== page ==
For decades, anti-communism united conservatives behind the Republican Party. An otherwise disparate collection of national security hawks, free-market enthusiasts and social traditionalists rallied to the GOP, resolutely committed to checking Soviet influence around the world. All of these constituencies had reason to despise godless, revolution-exporting Bolsheviks. Although Russia no longer subscribes to Marxist-Leninist doctrine, it still presents a threat to the United States, its allies and the liberal world order. Witness its aggression against Ukraine, its intervention in Syria and its support for extremists across Europe.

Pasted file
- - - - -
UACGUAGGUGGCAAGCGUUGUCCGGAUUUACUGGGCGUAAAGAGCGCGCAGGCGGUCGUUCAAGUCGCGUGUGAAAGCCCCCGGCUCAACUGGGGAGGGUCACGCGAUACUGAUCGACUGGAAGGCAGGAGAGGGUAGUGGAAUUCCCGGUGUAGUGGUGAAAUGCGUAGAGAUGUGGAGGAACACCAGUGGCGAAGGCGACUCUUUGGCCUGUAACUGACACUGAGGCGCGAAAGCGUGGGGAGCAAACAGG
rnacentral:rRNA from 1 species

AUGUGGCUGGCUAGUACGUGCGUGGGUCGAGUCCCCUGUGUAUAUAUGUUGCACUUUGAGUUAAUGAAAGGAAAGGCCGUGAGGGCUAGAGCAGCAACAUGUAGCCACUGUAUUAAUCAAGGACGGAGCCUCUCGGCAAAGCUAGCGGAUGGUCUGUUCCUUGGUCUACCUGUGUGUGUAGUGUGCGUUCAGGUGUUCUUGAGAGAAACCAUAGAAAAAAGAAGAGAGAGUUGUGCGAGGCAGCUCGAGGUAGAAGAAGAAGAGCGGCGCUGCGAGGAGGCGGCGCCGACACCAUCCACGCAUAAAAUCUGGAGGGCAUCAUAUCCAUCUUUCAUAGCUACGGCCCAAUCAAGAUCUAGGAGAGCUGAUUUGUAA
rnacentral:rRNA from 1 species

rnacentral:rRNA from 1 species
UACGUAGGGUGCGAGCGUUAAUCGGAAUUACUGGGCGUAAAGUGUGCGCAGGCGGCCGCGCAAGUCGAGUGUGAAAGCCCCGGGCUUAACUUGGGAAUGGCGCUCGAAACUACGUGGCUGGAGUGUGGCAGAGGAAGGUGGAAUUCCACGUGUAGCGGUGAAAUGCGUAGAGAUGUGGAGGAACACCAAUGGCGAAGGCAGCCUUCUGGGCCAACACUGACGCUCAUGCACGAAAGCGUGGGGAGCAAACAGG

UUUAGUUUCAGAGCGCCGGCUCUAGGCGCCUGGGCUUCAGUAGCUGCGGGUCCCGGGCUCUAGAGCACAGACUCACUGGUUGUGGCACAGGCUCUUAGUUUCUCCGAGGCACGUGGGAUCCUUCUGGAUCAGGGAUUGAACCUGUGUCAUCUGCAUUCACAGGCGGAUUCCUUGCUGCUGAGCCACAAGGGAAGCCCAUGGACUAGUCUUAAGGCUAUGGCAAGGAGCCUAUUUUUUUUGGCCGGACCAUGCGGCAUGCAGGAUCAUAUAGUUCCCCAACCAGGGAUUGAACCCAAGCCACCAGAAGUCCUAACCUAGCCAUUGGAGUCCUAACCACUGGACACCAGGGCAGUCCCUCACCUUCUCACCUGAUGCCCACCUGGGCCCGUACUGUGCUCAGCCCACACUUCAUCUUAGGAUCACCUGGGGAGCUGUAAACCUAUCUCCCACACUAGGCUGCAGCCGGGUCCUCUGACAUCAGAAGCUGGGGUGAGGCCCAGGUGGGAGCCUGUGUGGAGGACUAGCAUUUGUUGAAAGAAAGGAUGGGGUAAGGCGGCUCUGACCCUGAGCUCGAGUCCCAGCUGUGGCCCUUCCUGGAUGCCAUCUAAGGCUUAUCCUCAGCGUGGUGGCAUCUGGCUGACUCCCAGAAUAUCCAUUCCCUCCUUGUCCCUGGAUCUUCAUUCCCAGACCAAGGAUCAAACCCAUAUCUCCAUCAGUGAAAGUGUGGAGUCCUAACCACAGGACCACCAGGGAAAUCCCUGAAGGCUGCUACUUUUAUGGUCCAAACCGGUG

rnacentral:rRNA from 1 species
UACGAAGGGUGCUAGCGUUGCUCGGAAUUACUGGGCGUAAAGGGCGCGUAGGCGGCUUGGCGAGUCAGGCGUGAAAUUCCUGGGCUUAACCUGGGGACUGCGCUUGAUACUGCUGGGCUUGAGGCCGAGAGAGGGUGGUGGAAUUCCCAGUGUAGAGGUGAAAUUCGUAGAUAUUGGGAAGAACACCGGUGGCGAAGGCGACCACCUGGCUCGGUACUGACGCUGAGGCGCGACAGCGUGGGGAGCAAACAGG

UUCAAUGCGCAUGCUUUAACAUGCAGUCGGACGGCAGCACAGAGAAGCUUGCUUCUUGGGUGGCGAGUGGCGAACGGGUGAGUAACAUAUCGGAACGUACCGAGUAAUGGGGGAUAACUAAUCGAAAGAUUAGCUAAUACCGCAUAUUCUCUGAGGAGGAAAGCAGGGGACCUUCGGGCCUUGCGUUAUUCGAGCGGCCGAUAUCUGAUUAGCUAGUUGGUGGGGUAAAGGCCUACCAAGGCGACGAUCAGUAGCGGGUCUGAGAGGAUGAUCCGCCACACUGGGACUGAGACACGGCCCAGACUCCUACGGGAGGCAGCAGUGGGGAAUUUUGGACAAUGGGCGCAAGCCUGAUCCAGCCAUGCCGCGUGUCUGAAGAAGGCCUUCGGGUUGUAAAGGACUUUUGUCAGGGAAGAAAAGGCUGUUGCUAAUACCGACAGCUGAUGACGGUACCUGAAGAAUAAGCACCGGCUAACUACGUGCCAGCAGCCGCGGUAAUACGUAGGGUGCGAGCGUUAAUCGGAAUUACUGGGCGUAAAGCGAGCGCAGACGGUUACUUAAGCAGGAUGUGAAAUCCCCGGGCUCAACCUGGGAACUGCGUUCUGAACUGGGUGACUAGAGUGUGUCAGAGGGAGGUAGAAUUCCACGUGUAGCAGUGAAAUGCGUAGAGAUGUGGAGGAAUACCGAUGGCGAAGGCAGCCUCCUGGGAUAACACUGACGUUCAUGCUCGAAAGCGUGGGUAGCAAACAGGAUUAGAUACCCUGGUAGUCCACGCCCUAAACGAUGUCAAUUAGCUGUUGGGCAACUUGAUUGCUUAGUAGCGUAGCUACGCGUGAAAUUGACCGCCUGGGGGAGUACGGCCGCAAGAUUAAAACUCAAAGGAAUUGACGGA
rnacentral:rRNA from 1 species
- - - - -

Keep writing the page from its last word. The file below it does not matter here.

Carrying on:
In Donald Trump, the GOP nominated the most pro-Russian U.S. presidential candidate since Henry Wallace, whose 1948 bid on the Progressive Party ticket was largely run by communists. Throughout last year’s campaign, Trump lavished praise on Russian President (and career KGB agent) Vladimir Putin, attacked NATO and encouraged the Kremlin to hack his Democratic opponent’s emails. He even proposed recognizing Russia’s annexation of the Crimean Peninsula — the first violent European land grab since World War II — a move that would put the United States in the company of Cuba and North Korea. Since the election, he has openly contradicted the intelligence community’s finding that Moscow tampered in our democracy, calling such claims a “political witch-hunt.”